Knowing that this story required a deft touch, as it had to shift between dramatic and comedic tones at the drop of a hat, Coogan approached director Stephen Frears (The Queen, The Grifters), a filmmaker adept at successfully making movies in a wide variety of genres. “The comedy was in the script from the get-go,” recounts Coogan. “Stephen understood that and he was able to get the balance of things right in the film as well as what sort of emphasis to put on it. I think what Stephen brought to the project was his ability to point out when to let the comedy be poignant and when to play it for a bit broader of a laugh. We made sure that the comedy was truthful in the scene – we couldn’t just drop a gag in – so we made sure that anything funny developed directly from the situation and the characters. In the end, I think it made the situations and the characters more human.”

One of the most inventive things in the film is that throughout, the audience sees Michael grow up via various bits of home movies that capture him at different stages in his life. This idea was born when Coogan and Frears were able to track down the boy’s adoptive parents who were willing to share home movies they had taken of him when he was young. “I went to Martin’s house one day to watch some of the footage taken of her son, which Philomena had never seen,” remembers Coogan. “I sat next to her as we watched and she grabbed my hand and said, ‘I did love him you know.’ It was a bit of an awkward moment but it was genuine and though I changed the location of this in the movie, I wanted to make sure to include that because I think it says so much about her. We were very lucky in finding the real footage and then we mixed it in with scenes Stephen created of Michael’s later years. We wanted the audience to see what happened to her son as the story played out, as if there were parallel narrative tracks, thinking it would help the viewer become more invested in the story. Then we’d have it all come together with Philomena watching the film of her son at the end, which is composed of all of the clips the audience has already seen. We thought this would be an incredibly powerful moment and audiences seem to respond to it.”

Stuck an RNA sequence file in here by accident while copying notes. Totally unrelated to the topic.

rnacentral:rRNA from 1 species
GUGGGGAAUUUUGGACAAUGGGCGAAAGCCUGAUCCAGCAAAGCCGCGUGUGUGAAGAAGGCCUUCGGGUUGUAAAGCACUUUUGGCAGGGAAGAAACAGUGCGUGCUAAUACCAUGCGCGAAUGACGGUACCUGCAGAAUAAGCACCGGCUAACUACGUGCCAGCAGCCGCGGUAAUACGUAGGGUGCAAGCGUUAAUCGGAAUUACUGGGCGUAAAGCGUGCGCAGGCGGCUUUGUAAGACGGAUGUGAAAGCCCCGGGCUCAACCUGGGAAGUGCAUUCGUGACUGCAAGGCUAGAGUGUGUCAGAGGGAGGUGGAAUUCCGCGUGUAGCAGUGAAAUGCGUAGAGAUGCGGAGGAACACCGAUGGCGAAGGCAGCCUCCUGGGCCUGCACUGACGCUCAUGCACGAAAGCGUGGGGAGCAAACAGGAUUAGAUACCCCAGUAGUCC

As one might expect, Philomena’s story has caused a sensation in Ireland, as other women have come forward hoping to find their lost children as well. “The Catholic Church has taken a defensive approach regarding what happened in the past,” says Coogan, obviously agitated. “They need to approach this with a sense of humility and if they did they’d find the public a bit more accepting. People don’t want to destroy the church, they just want it to be accountable and accept that mistakes were made. They have this stupid attitude that if you show weakness people will destroy them and that’s not the case. There’s been a hesitance by the church to help in these matters and they are just hoping this will go away, but that’s not going to happen.”

It is ironic that at the core of the movie is one of the basic tenets of Catholicism – the notion that redemption is attainable through forgiveness. “Many people who love the film are Catholic and I think the reason for that is that we stress the power of forgiveness in the movie. Yet, the church has yet to apologize and instead they come up with the laughable defense that people didn’t pay for babies but were simply asked to make a large donation to the church. That’s the best you’ve got? They actually think people will say, ‘Oh, it was a donation! Well, that’s all right then!’ It’s just laughable. But in the end, this notion of forgiveness comes completely from Philomena herself, who found a sense of peace once the whole affair was over. If anything, I hope audiences will take that lesson away from her story.”

Contact Chuck Koplinski at ckoplinski@usd116.org.